Dr Sarah Brewer August 05, 2019

Heart failure becomes increasingly common with age, with the average age of first diagnosis being 76(1). Recently, research has led healthcare professionals to consider the benefits of coenzyme Q10 to complement medical treatment. We’ve put together this guide, breaking down everything from what coQ10 is to how it may work to support your heart.

What is heart failure?

Heart failure is a condition in which the heart becomes unable to pump blood around the body as efficiently as it should. This leads to blood pooling in the lower limbs and, in some cases, within the lungs, and can cause symptoms such as swollen ankles, fatigue, breathlessness and palpitations. If you are diagnosed with heart failure your doctor will prescribe medication to support the heart and provide advice about limiting salt and fluid intake, avoiding smoking and keeping alcohol intake within recommended limits.2

What is coenzyme Q10?

Coenzyme Q10 is a vitamin like substance needed during by cells to burn glucose and fatty acids to create energy. There are two main forms of coenzyme Q10: ubiquinone and ubiquinol. These form a vital part of the electron transport chain that generates energy within mitochondria - the cells’ equivalent of batteries. During energy production, the active ‘body ready’ form of coenzyme Q10, ubiquinol, donates an electron and is converted into the oxidised or ‘spent’ form of coenzyme Q10, known as ubiquinone. Ubiquinone must then be converted back into ubiquinol before it can function again. This cycle repeats itself over and over within the mitochondria. While your cells can make ubiquinol, the amount they produce reduces with age, and the efficiency with which coenzyme Q10 is absorbed from the diet also decreases.

How does coenzyme Q10 impact heart health?

Cells with the highest energy requirement have the greatest need for coenzyme Q10, so it is taken up and concentrated in organ and muscle cells – especially those of the heart which are constantly contracting.3 Coenzyme Q10 is also a powerful antioxidant and acts to neutralise free radicals, unstable molecules which damage cells and are linked to the development of a number of age-related diseases, including cardiovascular disease.4 Falling levels of co-enzyme Q10 reduces a cell’s ability to generate energy and function properly, which is a major contributor to cell ageing. Blood levels of ubiquinol are consistently lower in people with common age-related problems including diabetes, heart disease and neurological disorders. In patients with heart failure, for example, patients with more severe disease have the lowest levels of CoQ10.5 Taking ubiquinol can help to improve blood levels and heart function and is increasingly recommended by cardiologists to support medical treatment.6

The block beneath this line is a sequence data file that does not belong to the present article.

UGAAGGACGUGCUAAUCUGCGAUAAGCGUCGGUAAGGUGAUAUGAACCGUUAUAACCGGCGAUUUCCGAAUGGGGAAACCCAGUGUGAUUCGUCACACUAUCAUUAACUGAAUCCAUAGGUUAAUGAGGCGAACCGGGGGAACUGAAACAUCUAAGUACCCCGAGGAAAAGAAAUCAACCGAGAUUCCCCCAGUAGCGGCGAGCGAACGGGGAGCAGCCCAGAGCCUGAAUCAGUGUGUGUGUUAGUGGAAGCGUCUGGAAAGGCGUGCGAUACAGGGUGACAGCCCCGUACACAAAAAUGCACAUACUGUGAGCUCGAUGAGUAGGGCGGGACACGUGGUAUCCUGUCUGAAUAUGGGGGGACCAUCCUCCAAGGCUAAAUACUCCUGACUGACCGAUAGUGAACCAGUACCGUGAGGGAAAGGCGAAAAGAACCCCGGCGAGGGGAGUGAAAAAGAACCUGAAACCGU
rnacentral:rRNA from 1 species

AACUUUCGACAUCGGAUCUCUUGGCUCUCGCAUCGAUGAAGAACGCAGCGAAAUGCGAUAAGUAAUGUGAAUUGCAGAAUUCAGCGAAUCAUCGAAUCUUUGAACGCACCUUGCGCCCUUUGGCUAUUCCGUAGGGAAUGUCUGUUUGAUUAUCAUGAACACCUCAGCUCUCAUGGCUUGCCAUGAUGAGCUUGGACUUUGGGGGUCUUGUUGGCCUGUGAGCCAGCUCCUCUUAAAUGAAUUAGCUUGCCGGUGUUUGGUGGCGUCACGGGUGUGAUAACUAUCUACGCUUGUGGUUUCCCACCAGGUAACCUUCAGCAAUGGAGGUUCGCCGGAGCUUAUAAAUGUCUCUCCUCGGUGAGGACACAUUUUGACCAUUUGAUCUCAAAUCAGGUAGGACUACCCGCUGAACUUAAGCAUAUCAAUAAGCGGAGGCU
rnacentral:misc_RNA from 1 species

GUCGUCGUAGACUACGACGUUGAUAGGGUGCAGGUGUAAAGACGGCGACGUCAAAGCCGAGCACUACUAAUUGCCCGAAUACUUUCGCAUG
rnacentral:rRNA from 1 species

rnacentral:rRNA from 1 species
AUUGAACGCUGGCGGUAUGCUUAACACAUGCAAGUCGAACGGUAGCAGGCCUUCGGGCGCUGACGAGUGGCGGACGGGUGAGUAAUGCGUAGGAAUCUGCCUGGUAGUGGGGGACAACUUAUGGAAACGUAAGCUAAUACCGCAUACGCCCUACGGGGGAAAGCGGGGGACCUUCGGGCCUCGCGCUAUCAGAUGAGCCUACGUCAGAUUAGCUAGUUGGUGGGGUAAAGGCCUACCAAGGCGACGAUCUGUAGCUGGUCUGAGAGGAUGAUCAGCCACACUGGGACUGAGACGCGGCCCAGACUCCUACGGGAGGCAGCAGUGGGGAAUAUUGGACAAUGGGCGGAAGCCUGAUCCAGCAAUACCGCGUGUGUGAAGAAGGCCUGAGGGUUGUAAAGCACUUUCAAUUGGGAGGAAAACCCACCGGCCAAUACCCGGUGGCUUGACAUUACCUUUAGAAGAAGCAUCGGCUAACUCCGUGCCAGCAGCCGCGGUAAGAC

CoQ10 and heart failure

As far back as 1985, low levels of coenzyme Q10 in heart muscle was linked to an increased risk of developing heart failure.7 Since then, clinical trials involving people with heart failure show that taking coenzyme Q10 supplements can improve the ability of the heart to act as a pump and reduce major adverse cardiovascular events without causing any significant side effects.4, 8,9 Taking coenzyme Q10 may also reduce the development of atrial fibrillation, a heart rhythm abnormality that can occur in people with heart failure.10

CoQ10 and cholesterol

If your cholesterol level is raised, or if your risk of cardiovascular disease is increased, your doctor may recommend that you take a type of drug known as a statin. Statins work by inhibiting an enzyme which is needed to synthesise cholesterol in the liver. This enzyme, HMG-CoA reductase, is also needed to make coenzyme Q10.11,12,13,14,15 As a result, taking a statin can halve your circulating blood levels of co-enzyme Q10 within 4 weeks.16 Statins are generally considered safe but, like all medicines they can have side effects. A significant number of people taking a statin drug develop muscle aches and pains, inflammation and weakness.17 Lack of co-enzyme Q10 may contribute to the muscle aches and pains that can occur in people taking statins.18,13,14 Trials in which people with statin-associated muscle side effects have taken coenzyme Q10 supplements have not all shown benefit, but an updated analysis of all available data, published in the Journal of the American Heart Association in 2018 found that, compared with placebo, taking coenzyme Q10 supplements significantly relieved statin-associated muscle pains, weakness, cramps and muscle tiredness.19 Importantly, taking a co-enzyme Q10 supplement does not affect the cholesterol-lowering action of statin drugs.20 As always, however, if you are taking any prescribed medicines it is important to check with your doctor before taking any supplement. For more on information on lowering cholesterol, see our guide to using natural alternatives to statins.